Welcome to the first edition of the Marketing News Weekly Roundup! This week we’re highlighting the spooky-scary: Doesn’t it feel like somebody’s watching you? (If you’re using streaming devices, they are.)
After all the brouhaha over Facebook’s unwillingness to ban politicians from posting false claims on its site, Twitter CEO Jack Dorsey announced Wednesday that the company will not allow any political ads on its platform. The company’s CFO Ned Segal said on an earnings call last week that Twitter made less than $3 million from political ads around the 2018 election. “While internet advertising is incredibly powerful and very effective for commercial advertisers, that power brings significant risks to politics, where it can be used to influence votes to affect the lives of millions,” Dorsey tweeted.
We’ve made the decision to stop all political advertising on Twitter globally. We believe political message reach should be earned, not bought. Why? A few reasons…🧵— jack 🌍🌏🌎 (@jack) October 30, 2019
Read more: Barron’s
Recent research from Princeton University and the University of Chicago found that even when users of streaming services attempt to shield their information their data is still sometimes tracked without permission and shared with brands. The study found Roku sent information to more trackers when the “limit ad tracking” function was enabled than when it was turned off. The researchers also found that choosing “disable interest ads” on the Amazon Fire TV Stick made little difference in the number of device serial numbers and other identifiers that were sent to trackers.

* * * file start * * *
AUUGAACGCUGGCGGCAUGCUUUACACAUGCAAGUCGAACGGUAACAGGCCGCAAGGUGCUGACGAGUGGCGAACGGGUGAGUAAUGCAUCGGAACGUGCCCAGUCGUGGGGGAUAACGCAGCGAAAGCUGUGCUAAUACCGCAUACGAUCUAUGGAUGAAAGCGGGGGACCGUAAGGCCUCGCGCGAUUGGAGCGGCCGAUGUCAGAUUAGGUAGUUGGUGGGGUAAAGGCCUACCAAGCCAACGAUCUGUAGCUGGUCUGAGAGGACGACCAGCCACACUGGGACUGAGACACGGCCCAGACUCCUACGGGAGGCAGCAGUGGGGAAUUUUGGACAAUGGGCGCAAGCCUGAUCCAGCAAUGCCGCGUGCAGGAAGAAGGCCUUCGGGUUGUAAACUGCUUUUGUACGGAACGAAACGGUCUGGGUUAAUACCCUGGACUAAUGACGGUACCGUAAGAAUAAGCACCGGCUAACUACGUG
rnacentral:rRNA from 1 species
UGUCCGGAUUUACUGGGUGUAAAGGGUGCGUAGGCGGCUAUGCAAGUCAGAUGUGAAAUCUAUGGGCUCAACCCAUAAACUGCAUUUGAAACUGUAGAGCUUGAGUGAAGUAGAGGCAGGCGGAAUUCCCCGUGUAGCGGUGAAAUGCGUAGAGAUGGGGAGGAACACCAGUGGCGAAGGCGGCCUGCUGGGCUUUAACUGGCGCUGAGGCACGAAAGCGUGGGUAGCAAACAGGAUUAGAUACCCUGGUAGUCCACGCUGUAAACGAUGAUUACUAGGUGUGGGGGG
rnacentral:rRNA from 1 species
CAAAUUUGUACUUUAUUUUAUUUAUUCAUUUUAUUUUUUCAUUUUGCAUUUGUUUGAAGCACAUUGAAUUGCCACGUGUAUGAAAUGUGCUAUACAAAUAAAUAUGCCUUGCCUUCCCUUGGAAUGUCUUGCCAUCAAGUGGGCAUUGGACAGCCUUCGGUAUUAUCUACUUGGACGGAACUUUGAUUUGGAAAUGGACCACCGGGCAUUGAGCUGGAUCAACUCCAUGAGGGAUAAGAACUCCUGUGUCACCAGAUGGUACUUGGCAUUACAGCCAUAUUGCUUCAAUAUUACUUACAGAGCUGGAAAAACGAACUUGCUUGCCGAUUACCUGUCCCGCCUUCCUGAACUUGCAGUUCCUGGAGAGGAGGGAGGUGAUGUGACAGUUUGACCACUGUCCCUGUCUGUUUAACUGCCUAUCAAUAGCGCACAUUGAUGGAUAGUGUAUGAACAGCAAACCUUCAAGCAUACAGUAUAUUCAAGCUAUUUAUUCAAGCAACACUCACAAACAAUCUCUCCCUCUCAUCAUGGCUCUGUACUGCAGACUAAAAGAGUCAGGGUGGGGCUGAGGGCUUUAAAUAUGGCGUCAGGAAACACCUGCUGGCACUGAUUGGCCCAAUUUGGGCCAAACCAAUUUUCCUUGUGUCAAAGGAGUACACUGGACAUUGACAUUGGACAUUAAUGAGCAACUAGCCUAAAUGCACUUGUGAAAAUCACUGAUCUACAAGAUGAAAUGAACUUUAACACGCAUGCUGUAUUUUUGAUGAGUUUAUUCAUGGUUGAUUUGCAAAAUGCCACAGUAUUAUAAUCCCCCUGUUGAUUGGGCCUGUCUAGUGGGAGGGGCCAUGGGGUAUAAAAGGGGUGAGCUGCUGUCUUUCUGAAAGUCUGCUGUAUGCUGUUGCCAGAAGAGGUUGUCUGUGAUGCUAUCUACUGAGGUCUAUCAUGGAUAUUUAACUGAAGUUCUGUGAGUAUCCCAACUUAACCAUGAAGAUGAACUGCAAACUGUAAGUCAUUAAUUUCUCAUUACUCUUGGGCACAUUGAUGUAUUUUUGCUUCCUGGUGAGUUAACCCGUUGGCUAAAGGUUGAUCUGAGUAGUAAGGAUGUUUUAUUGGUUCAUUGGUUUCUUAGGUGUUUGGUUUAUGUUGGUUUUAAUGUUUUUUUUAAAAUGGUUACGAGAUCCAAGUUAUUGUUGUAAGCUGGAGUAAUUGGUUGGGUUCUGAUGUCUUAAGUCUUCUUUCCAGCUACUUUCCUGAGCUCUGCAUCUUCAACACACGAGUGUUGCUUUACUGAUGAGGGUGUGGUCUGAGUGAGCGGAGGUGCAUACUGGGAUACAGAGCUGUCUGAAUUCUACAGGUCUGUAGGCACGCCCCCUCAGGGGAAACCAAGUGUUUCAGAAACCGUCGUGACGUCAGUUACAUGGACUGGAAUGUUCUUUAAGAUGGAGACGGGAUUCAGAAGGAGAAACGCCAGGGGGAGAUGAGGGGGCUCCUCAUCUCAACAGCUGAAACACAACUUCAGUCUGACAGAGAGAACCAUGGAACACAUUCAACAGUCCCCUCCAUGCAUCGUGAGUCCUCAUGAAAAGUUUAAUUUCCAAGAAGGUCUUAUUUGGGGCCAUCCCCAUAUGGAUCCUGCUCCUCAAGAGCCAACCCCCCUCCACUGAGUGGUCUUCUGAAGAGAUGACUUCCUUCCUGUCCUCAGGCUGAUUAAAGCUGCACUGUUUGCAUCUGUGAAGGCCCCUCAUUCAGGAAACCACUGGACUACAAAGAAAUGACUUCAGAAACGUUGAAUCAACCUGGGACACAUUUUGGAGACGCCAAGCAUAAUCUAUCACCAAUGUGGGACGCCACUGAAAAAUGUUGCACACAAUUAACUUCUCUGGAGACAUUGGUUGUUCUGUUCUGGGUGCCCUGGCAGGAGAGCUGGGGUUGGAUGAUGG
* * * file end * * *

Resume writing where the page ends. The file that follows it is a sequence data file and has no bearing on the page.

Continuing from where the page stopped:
Read more: The New York Times
E-Hallpass is the latest software to join the dubious list of technology raising eyebrows over data privacy concerns. At Heritage High School in Loudoun County, Va., for instance, E-Hallpass is used to collect data on students’ comings and goings on school grounds, whether it’s trips to the bathroom, nurse’s office or the principal. E-Hallpass, in addition to other apps such as Google’s G Suite for Education and ClassDojo, claim that student data isn’t shared with third-party advertisers, but families are still left to sift through endless privacy agreements, policies and federal regulations to understand how data is being used.
Read more: The Washington Post
New data shows that the title of CMO is slowly being phased out of big corporations, but this shift can signal good news for marketing efforts. Experts argue that distributing the responsibilities of a CMO across multiple departments results in a larger focus on marketing across the board, which aligns the entire company towards a streamlined customer and brand experience. Alternate titles, such as chief experience officer or chief growth officer, are less ambiguous and therefore integrate more easily into larger business strategy.
Read more: The Wall Street Journal
After only six months, Jamie Gutfreund, Hasbro’s first ever chief customer experience officer (CXO), is leaving the company. Prior to Hasbro, Gutfreund served as the CMO of Wunderman Thompson, where she worked to establish the company as a global brand after the merger of Wunderman and J. Walter Thompson. It’s unclear where Gutfreund will land, as the company announced that she left to “pursue other opportunities.” The fate of the CXO role is also uncertain, even though the job shared many duties that would typically be folded into a CMO position.
Read more: Adweek
Roku image via Creative Commons